They say that the best thing you can do for a child is raise them poor, and I wholeheartedly agree. It makes them grateful for the small things, resilient, and tough. It’s what prevents them from being spoiled, entitled little brats. I’m not saying I want children to starve or to not get their basic needs met, that’s being too extreme. I’m not saying that I want people to suffer, what I am saying is that it’s useful. Suffering is useful. Life would be boring and meaningless if there was no struggle, no challenge to it.

That pang of hunger is useful, not always getting what you want is useful, playing outside with sticks and not playing videogames all day on the newest gaming console is useful. Doing chores and working as soon as you are old enough is useful. It teaches you valuable lessons, like what’s really important and not having everything handed to you, having to work for your own wants, your own needs, your own dreams.

Where there is darkness, you can find light, and where there is light there can also be darkness. What you focus on is what has power. When you find yourself surrounded by darkness, acknowledge it, but don’t dwell on it, focus on the good that comes from it.

Do you hate that job you go to everyday? Feel like giving up? Remember why you go to that job. Are you working towards something better? Does that shitty job support you in working towards what you really want to do? Does it mean you can feed that person at home that you love? Focus on that. Maybe you needed to suffer at that job so you would come to know what it really is that you want for your life.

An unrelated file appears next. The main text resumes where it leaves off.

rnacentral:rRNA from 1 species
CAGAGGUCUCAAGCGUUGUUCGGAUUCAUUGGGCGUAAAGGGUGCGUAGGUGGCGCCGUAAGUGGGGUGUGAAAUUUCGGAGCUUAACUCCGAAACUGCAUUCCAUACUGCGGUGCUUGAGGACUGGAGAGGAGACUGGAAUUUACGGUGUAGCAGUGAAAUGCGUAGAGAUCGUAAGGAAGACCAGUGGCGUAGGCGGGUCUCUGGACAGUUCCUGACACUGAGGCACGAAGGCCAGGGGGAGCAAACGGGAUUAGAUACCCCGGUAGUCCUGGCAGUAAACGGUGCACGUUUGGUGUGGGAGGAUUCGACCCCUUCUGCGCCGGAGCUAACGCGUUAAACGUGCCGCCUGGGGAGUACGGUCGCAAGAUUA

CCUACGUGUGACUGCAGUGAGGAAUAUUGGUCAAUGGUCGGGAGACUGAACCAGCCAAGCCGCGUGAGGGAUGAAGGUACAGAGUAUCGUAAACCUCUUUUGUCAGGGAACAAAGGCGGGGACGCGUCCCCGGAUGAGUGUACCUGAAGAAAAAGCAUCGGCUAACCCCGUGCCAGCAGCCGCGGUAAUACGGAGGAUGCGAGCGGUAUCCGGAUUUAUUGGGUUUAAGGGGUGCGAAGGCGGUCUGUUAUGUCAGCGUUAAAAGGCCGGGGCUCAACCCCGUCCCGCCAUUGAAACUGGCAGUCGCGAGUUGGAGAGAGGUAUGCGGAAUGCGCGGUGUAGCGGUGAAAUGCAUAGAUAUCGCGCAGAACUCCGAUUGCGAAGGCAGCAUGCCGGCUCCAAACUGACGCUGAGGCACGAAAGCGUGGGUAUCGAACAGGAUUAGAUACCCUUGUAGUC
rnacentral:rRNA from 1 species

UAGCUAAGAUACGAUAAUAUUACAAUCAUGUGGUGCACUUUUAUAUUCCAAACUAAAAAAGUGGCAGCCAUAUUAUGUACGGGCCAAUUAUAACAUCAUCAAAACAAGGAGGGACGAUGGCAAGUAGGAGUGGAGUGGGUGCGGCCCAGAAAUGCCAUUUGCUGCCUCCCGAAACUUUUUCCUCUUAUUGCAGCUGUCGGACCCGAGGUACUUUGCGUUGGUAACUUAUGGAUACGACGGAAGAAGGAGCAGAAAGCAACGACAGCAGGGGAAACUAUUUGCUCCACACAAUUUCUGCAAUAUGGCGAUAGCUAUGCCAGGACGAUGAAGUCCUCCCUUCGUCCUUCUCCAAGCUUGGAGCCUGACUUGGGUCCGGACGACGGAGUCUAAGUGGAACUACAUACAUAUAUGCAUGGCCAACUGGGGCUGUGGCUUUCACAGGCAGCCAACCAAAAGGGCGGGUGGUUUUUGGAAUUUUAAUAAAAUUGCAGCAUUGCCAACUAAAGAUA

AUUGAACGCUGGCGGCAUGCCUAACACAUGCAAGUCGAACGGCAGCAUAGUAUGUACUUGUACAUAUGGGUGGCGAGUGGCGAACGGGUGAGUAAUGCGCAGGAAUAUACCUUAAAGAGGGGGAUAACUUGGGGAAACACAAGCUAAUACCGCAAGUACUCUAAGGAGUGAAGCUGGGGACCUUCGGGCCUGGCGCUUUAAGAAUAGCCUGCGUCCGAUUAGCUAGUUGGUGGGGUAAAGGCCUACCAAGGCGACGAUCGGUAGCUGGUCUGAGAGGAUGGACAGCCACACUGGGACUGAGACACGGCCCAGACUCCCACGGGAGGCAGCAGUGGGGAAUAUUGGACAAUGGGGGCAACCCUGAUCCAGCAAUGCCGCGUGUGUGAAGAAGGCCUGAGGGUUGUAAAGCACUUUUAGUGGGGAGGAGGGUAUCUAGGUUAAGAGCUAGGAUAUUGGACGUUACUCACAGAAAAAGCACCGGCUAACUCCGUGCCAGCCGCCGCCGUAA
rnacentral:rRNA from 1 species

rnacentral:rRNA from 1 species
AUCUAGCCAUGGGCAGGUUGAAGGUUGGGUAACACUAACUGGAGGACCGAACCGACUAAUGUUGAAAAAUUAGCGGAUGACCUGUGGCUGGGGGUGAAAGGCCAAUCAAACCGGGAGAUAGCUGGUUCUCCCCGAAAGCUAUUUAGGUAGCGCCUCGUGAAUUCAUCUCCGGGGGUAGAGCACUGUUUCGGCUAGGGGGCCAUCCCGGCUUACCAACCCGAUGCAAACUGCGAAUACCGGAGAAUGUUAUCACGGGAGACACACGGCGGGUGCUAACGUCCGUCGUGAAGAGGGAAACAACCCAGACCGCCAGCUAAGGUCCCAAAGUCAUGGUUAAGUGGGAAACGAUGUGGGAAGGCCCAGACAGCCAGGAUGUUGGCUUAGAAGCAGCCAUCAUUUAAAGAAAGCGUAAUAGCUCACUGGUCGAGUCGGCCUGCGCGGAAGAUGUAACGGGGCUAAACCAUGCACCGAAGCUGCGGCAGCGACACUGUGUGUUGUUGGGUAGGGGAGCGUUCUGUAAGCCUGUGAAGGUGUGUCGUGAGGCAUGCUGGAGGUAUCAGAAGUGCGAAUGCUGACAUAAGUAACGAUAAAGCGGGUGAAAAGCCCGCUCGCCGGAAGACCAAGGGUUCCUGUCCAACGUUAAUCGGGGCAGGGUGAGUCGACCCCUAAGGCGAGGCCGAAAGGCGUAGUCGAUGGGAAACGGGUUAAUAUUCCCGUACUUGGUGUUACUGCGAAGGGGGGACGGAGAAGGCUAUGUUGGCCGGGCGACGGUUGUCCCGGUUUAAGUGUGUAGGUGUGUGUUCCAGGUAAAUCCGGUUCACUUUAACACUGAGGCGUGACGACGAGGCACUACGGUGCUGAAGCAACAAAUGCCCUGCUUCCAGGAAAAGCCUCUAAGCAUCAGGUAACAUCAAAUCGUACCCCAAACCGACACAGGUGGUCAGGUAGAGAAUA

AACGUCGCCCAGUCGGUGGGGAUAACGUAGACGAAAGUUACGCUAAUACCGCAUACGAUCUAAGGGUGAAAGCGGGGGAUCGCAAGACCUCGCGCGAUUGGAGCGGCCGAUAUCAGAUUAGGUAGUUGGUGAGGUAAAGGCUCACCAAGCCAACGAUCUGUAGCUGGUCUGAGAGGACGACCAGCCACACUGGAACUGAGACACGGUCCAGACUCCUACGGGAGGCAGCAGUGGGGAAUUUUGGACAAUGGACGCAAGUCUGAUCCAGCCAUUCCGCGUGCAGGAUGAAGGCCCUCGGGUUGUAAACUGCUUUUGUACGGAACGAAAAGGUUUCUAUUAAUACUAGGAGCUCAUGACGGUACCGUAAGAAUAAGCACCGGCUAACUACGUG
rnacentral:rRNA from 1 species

It’s important to polarize to the positive, but that doesn’t mean avoiding or ignoring the negative things in your life. We want to maintain a positive mindset and work towards a positive life, but it’s inevitable to experience negativity, pain and suffering. The way that we polarize to the positive is by accepting that negativity and working with it to create a positive outcome, a positive change in your life.

Polarizing to the positive means changing your perspective, not trying to brainwash yourself into thinking life is all sunshine and rainbows and sweeping anything that causes discomfort under the rug. It’s about turning losses into wins by using the negative for a positive outcome by shifting how you view that negativity.

The significance of the yin and yang are in everything. There is no such thing as happiness without the existence of suffering. There is good and bad in everything. Being so positive that you lose grip on reality is a bad thing. Experiencing some hardship is a good thing. Life without challenge, life without having suffered would have no meaning and give you little satisfaction. Having experienced suffering can change you for the better if you internalize it the right way and stop playing the victim.

Life is suffering. Life is hard, but you get to decide what you will do about it. Everyone suffers in one way or another and the way you take that negativity and what you do about it determines the outcome of your life.

Leave a Reply

Fill in your details below or click an icon to log in:

WordPress.com Logo

You are commenting using your WordPress.com account. Log Out /  Change )

Twitter picture

You are commenting using your Twitter account. Log Out /  Change )

Facebook photo

You are commenting using your Facebook account. Log Out /  Change )

Connecting to %s